The DO system is one I am particularly fond of because it encourages clarity. Wine can feel unnecessarily complicated at times, even exclusionary, and I have seen wine labels that are convoluted to the point of becoming incomprehensible. This week I tasted a wine that was delicious and vibrant and perfect for the summer months, but I refused to buy it because I couldn’t figure out who was making it and where the hell it was from. How am I going to put that into your hands?
Since the 1930s, Spain has embraced modernity and new technologies in equal measure, and has consistently produced some of the best wines available anywhere.
But I can understand why Spanish wine has remained on the fringes. Spain is a country full of grapes that nobody has heard of, and that don’t grow anywhere else in the world. And honestly, I kind of selfishly hope it stays that way? I like being able to buy something like the Celler Piñol Ludovicus (if you find this, drink this) for less than $15 and know that I’m getting a wine that drinks like it’s worth twice that much.
And this time of year I particularly love heading to the north of Spain, and specifically to Rías Baixas, for some truly exceptional white wines.
Albariño Para Refrescar.
Rías Baixas in the northwest of Spain (just north of Portugal, in fact) is part of Galicia, and is home to Spain’s great white wine.
Albariño made its way to Spain in the 12th century, piggybacking with the Cistercian monks who trekked across Europe. The grape is believed to be a cousin of Germany’s Riesling, and this makes sense as the two share many similarities. Lively white fruit is always present here, especially apricot, and also a bracing and vibrant acidity. But Rías Baixas is much warmer than the Rhine, and the region is known for having soft, sandy soils that feed the vine a completely different set of nutrients.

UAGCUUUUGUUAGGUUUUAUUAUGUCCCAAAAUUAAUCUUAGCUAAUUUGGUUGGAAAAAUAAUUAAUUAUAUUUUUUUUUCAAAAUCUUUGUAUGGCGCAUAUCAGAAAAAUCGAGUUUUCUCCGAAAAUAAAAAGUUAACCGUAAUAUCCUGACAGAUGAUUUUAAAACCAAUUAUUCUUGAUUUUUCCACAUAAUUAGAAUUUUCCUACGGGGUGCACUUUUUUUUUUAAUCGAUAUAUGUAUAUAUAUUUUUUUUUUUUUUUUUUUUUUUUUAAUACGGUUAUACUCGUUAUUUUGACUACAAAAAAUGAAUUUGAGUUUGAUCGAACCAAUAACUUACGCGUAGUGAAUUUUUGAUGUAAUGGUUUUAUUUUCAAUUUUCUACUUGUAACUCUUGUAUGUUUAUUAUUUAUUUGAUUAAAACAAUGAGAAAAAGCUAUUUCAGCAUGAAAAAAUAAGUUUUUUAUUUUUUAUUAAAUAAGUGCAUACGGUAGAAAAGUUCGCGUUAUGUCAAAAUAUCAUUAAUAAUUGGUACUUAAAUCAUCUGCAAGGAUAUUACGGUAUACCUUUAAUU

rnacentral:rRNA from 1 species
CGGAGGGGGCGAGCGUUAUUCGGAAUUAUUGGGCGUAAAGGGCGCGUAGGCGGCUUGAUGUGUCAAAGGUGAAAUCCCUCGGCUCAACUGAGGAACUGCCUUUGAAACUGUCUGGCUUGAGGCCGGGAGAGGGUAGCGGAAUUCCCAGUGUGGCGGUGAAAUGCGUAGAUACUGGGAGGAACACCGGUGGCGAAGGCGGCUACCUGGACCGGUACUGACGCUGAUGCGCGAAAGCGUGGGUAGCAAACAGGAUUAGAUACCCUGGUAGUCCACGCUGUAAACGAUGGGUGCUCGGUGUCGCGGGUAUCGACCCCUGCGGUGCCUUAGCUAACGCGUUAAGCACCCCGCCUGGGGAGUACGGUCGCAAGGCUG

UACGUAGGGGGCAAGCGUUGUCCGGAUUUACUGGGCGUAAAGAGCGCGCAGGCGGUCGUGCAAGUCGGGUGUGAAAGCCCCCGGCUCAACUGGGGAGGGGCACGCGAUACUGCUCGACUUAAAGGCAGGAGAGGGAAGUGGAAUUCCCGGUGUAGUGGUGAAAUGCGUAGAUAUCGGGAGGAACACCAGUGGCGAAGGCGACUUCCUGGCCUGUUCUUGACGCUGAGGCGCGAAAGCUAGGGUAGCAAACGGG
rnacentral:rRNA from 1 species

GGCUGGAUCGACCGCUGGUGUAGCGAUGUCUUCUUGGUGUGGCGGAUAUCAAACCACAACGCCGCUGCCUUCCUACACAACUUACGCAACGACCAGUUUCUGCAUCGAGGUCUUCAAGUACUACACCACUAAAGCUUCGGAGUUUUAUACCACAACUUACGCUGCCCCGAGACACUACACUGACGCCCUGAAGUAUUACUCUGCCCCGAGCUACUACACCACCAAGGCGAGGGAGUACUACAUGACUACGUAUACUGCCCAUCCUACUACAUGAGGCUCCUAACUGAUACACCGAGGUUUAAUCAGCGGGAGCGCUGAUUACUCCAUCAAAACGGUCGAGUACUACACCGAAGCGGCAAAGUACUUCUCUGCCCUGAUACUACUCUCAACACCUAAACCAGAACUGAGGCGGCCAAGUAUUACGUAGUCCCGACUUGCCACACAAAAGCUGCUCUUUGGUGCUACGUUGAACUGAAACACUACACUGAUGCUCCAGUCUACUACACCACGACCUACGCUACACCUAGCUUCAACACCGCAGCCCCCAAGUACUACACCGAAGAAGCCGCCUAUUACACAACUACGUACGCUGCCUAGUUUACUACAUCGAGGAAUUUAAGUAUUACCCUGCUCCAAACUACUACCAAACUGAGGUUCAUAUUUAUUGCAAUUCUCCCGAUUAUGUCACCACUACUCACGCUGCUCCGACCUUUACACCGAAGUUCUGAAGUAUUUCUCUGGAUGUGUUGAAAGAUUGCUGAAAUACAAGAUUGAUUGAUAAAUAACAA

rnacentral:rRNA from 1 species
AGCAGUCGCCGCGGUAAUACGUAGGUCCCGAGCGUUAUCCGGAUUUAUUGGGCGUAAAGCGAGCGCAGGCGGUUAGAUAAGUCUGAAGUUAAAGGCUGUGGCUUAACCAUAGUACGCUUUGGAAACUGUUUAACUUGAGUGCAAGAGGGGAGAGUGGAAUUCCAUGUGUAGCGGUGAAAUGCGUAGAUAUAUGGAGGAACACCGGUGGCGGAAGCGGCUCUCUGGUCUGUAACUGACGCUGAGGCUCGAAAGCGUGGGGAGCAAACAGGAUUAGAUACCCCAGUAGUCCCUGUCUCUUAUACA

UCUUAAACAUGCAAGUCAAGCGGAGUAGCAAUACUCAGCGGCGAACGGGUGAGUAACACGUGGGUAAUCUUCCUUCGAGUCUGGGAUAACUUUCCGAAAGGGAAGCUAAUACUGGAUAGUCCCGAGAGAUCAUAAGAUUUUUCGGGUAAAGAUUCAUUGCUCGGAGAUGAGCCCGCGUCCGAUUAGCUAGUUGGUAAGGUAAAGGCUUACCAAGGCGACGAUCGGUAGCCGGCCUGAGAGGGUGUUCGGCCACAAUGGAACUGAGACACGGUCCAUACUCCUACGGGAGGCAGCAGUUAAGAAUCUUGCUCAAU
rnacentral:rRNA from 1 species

This is a light, cheerful wine, with lots of floral fruit and a crisp and refreshing style. One of the reasons I like it so much during the summer is that it tends to be relatively low in alcohol (clocking in at about 11 or 12%), which makes it perfect for a long, slow, boozy afternoon.
It is also absolutely perfect for summertime food. Treat it like lager, used to refresh the palate after a big bite of chili or barbecue, and it will always do you good.
Stop somewhere and pick up a bottle on your way home. Look for the youngest vintage you can find (you want all that vibrant, youthful acidity), and look for that little back label I mentioned. Then invite some friends over and while away a lazy Sunday afternoon. You won’t be disappointed.
*Christian states reconquering Spain from Islamic rule. Remember the fun bits of Kingdom of Heaven? It was kind of like that.
**Though this may have worked a little too well. The rapid growth of wine industries in the Spanish colonies of Central and South America was actually detrimental to the Spanish crown, which had grown dependent on exporting European wines to the New World. King Phillip III would eventually outlaw winemaking in the New World, which was part of what lead to the eventual independence from Spanish rule. The lesson here, would-be world conquerors, is don’t try and take people’s booze away.